Notes from an Attic

ITM Tune Types
The main tune types commonly played in ITM are:
jig, reel, slip jig, hornpipe polka, slide, waltz, mazurka and strathspey (although the strathspey is more associated with the Scottish music tradition).

Each of these tune types is explained below. But don't just read about them. The best way of learning about musical styles is by listening. Click the snippets opposite to get a feel for what each type of tune sounds like.

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  1. Jig Tripping up the Stairs
  2. Reel The Sligo Maid
  3. Slip Jig The Butterfly
  4. Hornpipe The Cuckoo hornpipe
  5. Polka The Ballydesmond polka
  6. Slide Going to the Well for Water Slide
  7. Waltz Give me your Hand (a.k.a. Tabhair dom do Lámh)
  8. Mazurka Sonny's Mazurka
  9. Strathspey Tha Mi Sgith

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A type of dance tune often played in ITM. A reel usually consists of two parts (A and B) which are played twice, so the overall structure is AA BB. The time signature of a reel is 4/4 so there are four beats to every bar (each beat is counted with stress on the 1st and 3rd beat as 1-2-3-4.
Say, ‘All-i-ga-tor, All-i-ga-tor’.
Example: The Sligo Maid,

The jig (aka double jig) is another popular type of dance tune. Like the reel, a jif usually consists of two parts, again arranged AA BB. The time signature for a jig is 6/8, so there are six quavers to every bar. Each beat is counted in groups of three as |123-456| 123-456|, with the stress in the 1st and 4th beats.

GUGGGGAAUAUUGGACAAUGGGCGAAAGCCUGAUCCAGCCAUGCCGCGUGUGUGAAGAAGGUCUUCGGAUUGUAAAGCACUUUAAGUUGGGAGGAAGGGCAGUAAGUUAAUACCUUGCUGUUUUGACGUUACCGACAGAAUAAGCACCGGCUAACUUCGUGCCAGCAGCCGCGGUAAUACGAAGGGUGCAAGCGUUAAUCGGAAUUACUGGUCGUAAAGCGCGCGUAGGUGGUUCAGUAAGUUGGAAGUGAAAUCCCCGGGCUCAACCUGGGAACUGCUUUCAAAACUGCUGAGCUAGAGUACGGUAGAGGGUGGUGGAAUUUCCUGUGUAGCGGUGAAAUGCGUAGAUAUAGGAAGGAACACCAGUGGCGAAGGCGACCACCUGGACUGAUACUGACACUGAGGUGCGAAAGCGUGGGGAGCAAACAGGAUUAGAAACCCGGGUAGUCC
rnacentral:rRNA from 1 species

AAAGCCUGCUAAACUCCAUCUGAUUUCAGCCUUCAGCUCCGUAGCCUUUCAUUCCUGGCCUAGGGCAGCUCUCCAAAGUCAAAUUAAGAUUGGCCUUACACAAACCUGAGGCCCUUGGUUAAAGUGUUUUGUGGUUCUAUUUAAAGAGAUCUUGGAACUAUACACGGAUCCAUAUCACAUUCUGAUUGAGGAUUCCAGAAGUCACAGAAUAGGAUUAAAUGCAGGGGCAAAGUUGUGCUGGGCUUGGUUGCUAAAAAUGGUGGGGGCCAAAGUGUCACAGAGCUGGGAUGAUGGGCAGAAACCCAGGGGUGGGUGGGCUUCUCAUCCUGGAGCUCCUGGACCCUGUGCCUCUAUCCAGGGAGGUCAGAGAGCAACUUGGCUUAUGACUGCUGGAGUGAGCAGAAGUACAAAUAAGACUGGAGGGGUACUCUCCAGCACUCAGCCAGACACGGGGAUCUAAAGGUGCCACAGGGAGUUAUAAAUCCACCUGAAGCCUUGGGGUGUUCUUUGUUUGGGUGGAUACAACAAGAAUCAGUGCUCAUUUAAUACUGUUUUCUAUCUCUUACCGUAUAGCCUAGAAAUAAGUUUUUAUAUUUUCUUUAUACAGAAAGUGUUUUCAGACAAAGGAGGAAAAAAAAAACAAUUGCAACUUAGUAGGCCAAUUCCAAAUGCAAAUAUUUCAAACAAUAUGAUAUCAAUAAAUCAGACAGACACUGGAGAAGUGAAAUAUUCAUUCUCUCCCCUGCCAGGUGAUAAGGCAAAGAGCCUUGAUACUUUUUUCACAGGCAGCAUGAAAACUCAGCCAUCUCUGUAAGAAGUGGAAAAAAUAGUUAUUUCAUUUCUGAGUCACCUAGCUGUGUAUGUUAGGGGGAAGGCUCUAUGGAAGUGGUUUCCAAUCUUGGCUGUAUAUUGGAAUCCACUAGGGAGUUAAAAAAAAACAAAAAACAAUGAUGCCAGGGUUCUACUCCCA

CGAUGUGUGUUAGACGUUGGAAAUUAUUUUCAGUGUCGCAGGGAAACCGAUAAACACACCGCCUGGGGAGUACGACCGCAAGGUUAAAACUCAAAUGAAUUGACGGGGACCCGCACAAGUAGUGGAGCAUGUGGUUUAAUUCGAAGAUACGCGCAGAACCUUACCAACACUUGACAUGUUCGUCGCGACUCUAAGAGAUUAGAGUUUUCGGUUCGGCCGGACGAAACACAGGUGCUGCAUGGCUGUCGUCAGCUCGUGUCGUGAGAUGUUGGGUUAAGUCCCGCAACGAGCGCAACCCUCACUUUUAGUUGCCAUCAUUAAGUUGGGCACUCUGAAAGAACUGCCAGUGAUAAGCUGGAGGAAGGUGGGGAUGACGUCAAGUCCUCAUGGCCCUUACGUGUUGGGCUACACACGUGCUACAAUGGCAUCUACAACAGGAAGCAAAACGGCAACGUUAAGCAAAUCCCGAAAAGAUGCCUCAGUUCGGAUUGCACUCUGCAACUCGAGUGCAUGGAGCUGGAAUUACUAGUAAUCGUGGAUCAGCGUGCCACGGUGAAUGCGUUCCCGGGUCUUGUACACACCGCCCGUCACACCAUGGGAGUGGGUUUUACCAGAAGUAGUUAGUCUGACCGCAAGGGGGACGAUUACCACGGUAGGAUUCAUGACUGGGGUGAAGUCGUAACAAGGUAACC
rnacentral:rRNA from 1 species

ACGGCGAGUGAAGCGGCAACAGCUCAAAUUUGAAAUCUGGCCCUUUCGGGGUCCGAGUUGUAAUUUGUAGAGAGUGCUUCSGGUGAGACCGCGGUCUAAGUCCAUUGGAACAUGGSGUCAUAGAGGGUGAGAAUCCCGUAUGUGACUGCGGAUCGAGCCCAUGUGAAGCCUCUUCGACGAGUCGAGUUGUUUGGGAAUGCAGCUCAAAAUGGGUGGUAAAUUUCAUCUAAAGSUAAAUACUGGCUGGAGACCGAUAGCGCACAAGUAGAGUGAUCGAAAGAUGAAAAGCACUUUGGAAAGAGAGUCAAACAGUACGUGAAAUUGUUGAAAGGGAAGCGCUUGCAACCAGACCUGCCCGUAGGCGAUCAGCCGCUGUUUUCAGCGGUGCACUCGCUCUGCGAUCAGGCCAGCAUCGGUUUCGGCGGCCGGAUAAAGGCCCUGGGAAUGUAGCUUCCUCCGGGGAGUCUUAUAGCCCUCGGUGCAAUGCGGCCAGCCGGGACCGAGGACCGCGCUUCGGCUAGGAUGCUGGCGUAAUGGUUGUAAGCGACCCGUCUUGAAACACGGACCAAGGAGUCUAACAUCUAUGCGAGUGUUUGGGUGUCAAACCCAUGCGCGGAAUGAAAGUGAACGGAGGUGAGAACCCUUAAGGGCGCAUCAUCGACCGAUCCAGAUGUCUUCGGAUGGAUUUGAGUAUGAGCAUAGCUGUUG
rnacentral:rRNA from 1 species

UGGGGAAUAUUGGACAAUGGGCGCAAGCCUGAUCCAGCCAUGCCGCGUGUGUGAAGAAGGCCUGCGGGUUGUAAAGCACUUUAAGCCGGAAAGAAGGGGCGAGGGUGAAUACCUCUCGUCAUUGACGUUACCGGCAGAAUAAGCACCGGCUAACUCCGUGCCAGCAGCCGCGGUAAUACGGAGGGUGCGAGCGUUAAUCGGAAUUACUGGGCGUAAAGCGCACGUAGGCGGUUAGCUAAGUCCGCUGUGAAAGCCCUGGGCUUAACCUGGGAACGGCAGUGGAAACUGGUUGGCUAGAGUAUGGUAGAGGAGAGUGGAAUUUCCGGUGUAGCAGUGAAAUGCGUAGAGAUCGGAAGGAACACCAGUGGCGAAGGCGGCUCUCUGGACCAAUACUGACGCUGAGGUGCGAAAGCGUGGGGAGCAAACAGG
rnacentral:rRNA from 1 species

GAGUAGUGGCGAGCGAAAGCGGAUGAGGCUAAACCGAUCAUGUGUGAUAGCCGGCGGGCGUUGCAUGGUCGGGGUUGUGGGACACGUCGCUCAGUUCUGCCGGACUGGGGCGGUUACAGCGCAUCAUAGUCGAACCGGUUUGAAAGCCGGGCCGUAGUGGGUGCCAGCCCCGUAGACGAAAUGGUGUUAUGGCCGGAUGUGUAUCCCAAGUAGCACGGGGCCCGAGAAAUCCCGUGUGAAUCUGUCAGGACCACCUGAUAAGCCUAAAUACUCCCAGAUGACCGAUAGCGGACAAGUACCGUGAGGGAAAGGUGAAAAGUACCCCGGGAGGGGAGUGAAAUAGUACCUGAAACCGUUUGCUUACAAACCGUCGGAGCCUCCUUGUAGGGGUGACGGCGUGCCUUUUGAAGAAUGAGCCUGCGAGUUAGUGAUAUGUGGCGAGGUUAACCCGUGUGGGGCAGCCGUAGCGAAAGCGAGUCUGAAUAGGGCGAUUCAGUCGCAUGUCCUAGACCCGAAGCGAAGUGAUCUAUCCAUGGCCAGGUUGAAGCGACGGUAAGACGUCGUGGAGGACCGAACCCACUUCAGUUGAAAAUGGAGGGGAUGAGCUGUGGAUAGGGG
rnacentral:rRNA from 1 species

Say, ‘Croc-o-dile, Croc-o-dile’.
Example: The Kesh Jig:

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Slip jig
A slip jig is similar to a jig except that the time signature is 9/8 rather than 6/8. The nine notes in each bar are played with stress on notes 1, 4 and 7: |123-456-789|123-456-789|
Example: The Kid on the Mountain,

Hornpipes are dance tunes associated with seafarers. Like the reel, the time signature of a hornpipe is 4/4 so there are four beats to every bar. However, each beat is counted with a lingering stress on the 1st and 3rd beats as 1-2-3-4, giving it a DUM-ty DUM-ty’ effect. Sometimes this ‘dotted’ rhythm is written explicitly into the musical notation but usually it isn’t – you just have to be aware that this is how a hornpipe is played.
Say, ‘All-i-ga-tor, All-i-ga-tor’.
Example: The Cuckoo Hornpipe,
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A polka is similar to a reel but written in 2/4 rather than 4/4 time. The emphasis is on the first beat of each bar so the overall effect is a stress on alternate beats.
Say: ‘Polk-a, Polk-a’
Example: Ballydesmond polka,

Slides, which are popular in Southwest Ireland, are usually played at a fairly fast tempo. They are similar to jigs but usually written and played in 12/8 rather than 6/8.
Example: Denis Murphy’s slide,

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Waltzes are written in 3/4 time and are usually played fairly slowly. The accent is on the 1st beat. So the rhythm goes: |1-2-3|1-2-3|.
Say (slowly),’Pine-app-le, Pine-app-le’
Example: Planxty Irwin,

In ITM, mazurkas are usually written in 3/4 time – a bit like a Waltz but faster. The accent is on the 1st beat. So the rhythm goes: |1-2-3|1-2-3|.
Say, ‘ma-zurk-a, ma-zurk-a’.
Example: Sonny’s Mazurka,

Strathspeys are a style of dance music played particularly in Scotland (traditionally always followed by a reel). The rhythm is 4/4 (sometimes 2/4) and played a bit slower than reel tempo. Scotch snaps are a feature of the strathspey – a short note before a dotted note is played. Say 'DID-um' as you listen, with a strong 'DID' and a tiny 'um'!
Example: Miller O'Hirn (composed by J. Scott Skinner and played by Alasdair Fraser, Mairead Ni Mhaonaigh and Kyle Alden)
and here are a couple of Strathspeys played by the Hanneke Cassel Band with David Knight

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